I've been doing living history for some twenty-odd years now, mostly SCA, but other groups too (my first big event was Pennsic 5; for context, last summer was #29 or so).
When I started out, I just wanted to have fun hanging out with my friends in fancy clothes -- and didn't care as much for accuracy as for color and interesting cut. I wince now at the photos of me at old SCA events wearing mismatched Victoriana. I was happy to sing along on any tune that came around the firecircle, made no distinction between "Barrett's Privateers", "The Witch of the Westmerelands" or "Matty Groves" -- though even then I loved a good madrigal -- and was not concerned as to whether my (improvised) accompaniment was consistent with the style or time of the piece. But over time I began to appreciate the details that made a thoroughly-medieval camp set in a consistent period hang together: the tools, the tents, the clothing, the lighting sources, the food (storage, preparation and consumption), and yes, the music. And the conversations. Really blows things to have folks in a quality 13th-century setting talking about computers or car repair. It all builds, and it's all pretty fragile.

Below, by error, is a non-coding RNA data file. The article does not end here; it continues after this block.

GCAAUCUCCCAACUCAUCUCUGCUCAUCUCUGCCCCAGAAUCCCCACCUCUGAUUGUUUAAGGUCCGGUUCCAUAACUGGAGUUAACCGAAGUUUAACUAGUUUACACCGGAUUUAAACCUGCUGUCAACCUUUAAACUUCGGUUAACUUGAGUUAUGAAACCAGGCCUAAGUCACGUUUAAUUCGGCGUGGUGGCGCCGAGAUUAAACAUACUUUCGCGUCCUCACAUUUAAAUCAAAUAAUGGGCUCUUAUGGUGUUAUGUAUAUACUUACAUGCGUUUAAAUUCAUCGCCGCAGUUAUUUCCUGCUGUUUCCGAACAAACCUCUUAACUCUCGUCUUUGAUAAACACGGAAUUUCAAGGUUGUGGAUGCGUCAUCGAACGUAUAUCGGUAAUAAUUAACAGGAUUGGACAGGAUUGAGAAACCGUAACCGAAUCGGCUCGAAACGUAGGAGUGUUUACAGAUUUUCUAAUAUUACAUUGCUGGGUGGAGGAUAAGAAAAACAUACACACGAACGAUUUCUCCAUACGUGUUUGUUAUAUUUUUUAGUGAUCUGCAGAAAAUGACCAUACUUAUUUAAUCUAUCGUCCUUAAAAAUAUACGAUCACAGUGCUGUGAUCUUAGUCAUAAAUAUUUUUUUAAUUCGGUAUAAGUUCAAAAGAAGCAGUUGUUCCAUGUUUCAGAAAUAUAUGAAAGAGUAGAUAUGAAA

These days, for myself, if I know how to do it "right", I'll need a real good reason for doing it another way; for others, I appreciate the tolerance others extended to me when I was starting out (with my sometimes-defiant attitude then towards the "authenticity Nazi" I've now myself become) and try real hard not to spoil others' fun. For me, the fun is in figuring out "how they did it" -- then achieving recognizably similar results, whether it's costumery, cookery, or music. I prefer period works, but will take modern stuff done in a period mode...